Among my friend Judith Snow’s wise sayings is her definition of a great question. “A great question refuses to be answered, and so it leads us into deeper thinking and deeper connections.” Visual play with the word shows that questions contain quests. Great questions move people into the adventure of searching together for something compellingly worthwhile. Such a search can seem too much to manage while juggling the daily requirements of survival or it can threaten too much embarrassment from the risk of seeming a poor imitator of Don Quixote. So, paradoxically, we can easily ignore great questions by refusing time for deeper thinking or withholding energy from deeper relationships. To influence us, great questions need hosts to invite their presence into busy lives and champions to remember their merit in the face of anxiety.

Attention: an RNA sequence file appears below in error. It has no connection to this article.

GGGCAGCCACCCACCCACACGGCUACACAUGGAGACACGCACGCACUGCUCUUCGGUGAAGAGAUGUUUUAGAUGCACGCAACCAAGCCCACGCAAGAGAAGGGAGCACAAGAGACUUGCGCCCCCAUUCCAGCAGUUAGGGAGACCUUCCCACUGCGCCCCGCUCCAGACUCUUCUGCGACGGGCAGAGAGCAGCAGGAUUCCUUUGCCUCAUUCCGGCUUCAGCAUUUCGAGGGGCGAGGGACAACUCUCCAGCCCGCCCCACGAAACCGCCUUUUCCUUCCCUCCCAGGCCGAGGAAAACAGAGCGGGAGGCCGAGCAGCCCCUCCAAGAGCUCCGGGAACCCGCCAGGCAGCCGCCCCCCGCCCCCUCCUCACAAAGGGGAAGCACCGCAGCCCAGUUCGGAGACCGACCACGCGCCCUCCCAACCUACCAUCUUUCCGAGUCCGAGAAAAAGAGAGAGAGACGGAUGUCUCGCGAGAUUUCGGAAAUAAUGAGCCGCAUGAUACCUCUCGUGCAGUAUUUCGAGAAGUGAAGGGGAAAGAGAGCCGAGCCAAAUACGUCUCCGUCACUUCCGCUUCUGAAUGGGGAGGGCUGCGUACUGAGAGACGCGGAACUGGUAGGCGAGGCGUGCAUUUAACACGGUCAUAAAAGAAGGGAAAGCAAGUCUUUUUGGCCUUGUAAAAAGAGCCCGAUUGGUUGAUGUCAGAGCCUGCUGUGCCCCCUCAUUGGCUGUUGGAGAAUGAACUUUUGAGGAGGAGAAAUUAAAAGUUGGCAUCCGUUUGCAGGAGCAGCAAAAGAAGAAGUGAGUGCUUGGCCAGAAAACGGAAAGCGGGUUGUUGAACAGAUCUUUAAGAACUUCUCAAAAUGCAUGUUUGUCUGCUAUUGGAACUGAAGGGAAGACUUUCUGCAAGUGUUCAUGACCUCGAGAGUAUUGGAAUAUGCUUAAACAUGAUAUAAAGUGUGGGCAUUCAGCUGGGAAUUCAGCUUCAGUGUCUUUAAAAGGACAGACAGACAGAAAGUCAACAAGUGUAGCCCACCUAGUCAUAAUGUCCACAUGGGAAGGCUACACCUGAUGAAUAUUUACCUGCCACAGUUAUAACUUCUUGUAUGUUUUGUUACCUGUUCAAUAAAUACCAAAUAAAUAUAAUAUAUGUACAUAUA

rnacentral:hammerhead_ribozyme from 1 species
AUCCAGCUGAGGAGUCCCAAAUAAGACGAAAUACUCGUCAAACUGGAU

The hosts and champions of great questions need courage, respect, and a discipline. While great questions can be found in any field, what interests me here is the framing of great questions in the lives of people whose capacities easily get lost. Person-centered planning offers a disciplined way to search for great questions in the lives of particular people who choose it, questions that lead to deeper thinking about a person’s identity and contributions and to deeper connections to other people who matter for the person’s future. Sarah, nine-year old John’s mother, has found such a question:
“Who will need to know John, and what kind of experience will they need to have with each other so that someone in our circle will offer John employment when he leaves school? What do we need to be doing together over the next ten years for this to happen?1